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Combo of Ribociclib, Letrozole Improves Survival in Advanced Breast Cancer

, by NCI Staff

graphic of the mode of action of CDK4/6 inhibitors

CDK4/6 inhibitors work by disrupting the cell cycle, preventing cancer cells from replicating.

Credit: Adapted from Cancer Management and Research. May 2020. doi: 10.2147/CMAR.S250632. CC-BY-NC-3.0.

Updated results from a large study have further cemented the role of drugs called CDK4/6 inhibitors in treating people with the most common form of metastatic breast cancer.

In the clinical trial, called MONALEESA-2, women treated with the CDK4/6 inhibitor ribociclib (Kisqali) and the hormone-blocking drug letrozole (Femara) as their initial treatment for advanced breast cancer lived approximately 1 year longer overall than women treated with letrozole alone

The median overall survival was nearly 64 months in patients treated with both drugs and over 51 months in those who only received letrozole. All the women in the trial had already gone through menopause and had cancer that was hormone receptor (HR)-positive and HER2-negative.

“This is the longest median survival reported to date in any advanced breast cancer phase 3 clinical trial,” said the study’s lead researcher, Gabriel Hortobagyi, M.D., of the University of Texas MD Anderson Cancer Center. Dr. Hortobagyi presented the findings on September 18 at the 2021 European Society of Medical Oncology (ESMO) Congress.

In addition, more than half of the trial participants treated with ribociclib and letrozole were still alive 5 years after beginning treatment. That is a first for a study involving people with advanced breast cancer, he said.

Ribociclib is already approved by the Food and Drug Administration as an initial, or first-line, treatment (with an aromatase inhibitor, like letrozole) for postmenopausal women with HR-positive, HER2-negative advanced breast cancer. That approval was based on earlier results from the MONALEESA-2 trial that showed patients treated with ribociclib and letrozole lived longer without their cancer getting worse (progression-free survival), compared with those treated with letrozole alone.

Two other CDK4/6 inhibitors—palbociclib (Ibrance) and abemaciclib (Verzenio)—are also approved for the treatment of people with this same form of breast cancer, both based on large clinical trials in which the drugs were shown to improve progression-free survival.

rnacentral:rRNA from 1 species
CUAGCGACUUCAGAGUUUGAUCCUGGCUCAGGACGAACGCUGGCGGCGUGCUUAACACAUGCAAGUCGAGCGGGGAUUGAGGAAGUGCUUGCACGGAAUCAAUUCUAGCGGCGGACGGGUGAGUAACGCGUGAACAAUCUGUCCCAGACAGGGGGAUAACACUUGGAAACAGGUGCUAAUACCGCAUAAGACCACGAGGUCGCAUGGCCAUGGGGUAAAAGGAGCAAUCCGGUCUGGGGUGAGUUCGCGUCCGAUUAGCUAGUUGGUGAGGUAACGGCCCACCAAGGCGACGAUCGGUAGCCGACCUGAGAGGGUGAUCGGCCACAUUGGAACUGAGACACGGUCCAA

A CDK4/6 inhibitor combined with a hormone-blocking drug is now the standard first-line treatment for postmenopausal women with this form of advanced breast cancer, explained Stanley Lipkowitz, M.D., Ph.D., chief of the Women’s Malignancies Branch in NCI’s Center for Cancer Research.

Now that there’s evidence that ribociclib improves how long patients live overall, “it raises the question of whether it should be the preferred CDK4/6 inhibitor for most of these patients,” Dr. Lipkowitz said.

Adding CDK4/6 Inhibitors to Endocrine Therapy

As their name implies, CDK4/6 inhibitors work by blocking the activity of two enzymes, CDK4 and CDK6, that help control cell division. Both enzymes are commonly found at higher-than-normal amounts in breast cancer cells, particularly those that overproduce hormone receptors.

For many years, treatment of HR-positive, HER2-negative advanced breast cancer was centered around therapies that blunt estrogen’s ability to fuel cancer—also called endocrine therapy. Those treatments include aromatase inhibitors, tamoxifen, and fulvestrant (Faslodex)

Although these treatments can be very effective, they eventually stop working in most patients.

The emergence of CDK4/6 inhibitors in the mid-2010s altered the treatment landscape. Clinical trials showed that combining CDK4/6 inhibitors with estrogen-blocking drugs could substantially lengthen the amount of time it took for patients’ tumors to become resistant to treatment, regardless of their menopause status.

Currently, there is general agreement among oncologists who specialize in treating breast cancer that the three CDK4/6 inhibitors, all of which are taken as a pill, work equally well. But multiple factors can influence oncologists’ choice of which drug to use for which patients, said Melissa McShane, M.D., of the Breast Cancer Oncology Program at Fox Chase Cancer Center. Side effects are an important one.

For example, a low level of white blood cells (neutropenia) is a common side effect of ribociclib and palbociclib, Dr. McShane explained. Neutropenia can lead to fevers and rashes, among other symptoms, and leave patients vulnerable to infections. So, for patients who are unable to visit a facility to have their blood levels checked regularly, oncologists might prescribe abemaciclib.

However, abemaciclib is much more likely to cause diarrhea, which might be particularly problematic for patients with certain other health conditions.

So, when it comes to selecting a CDK4/6 inhibitor, “it really depends on the patient,” she said.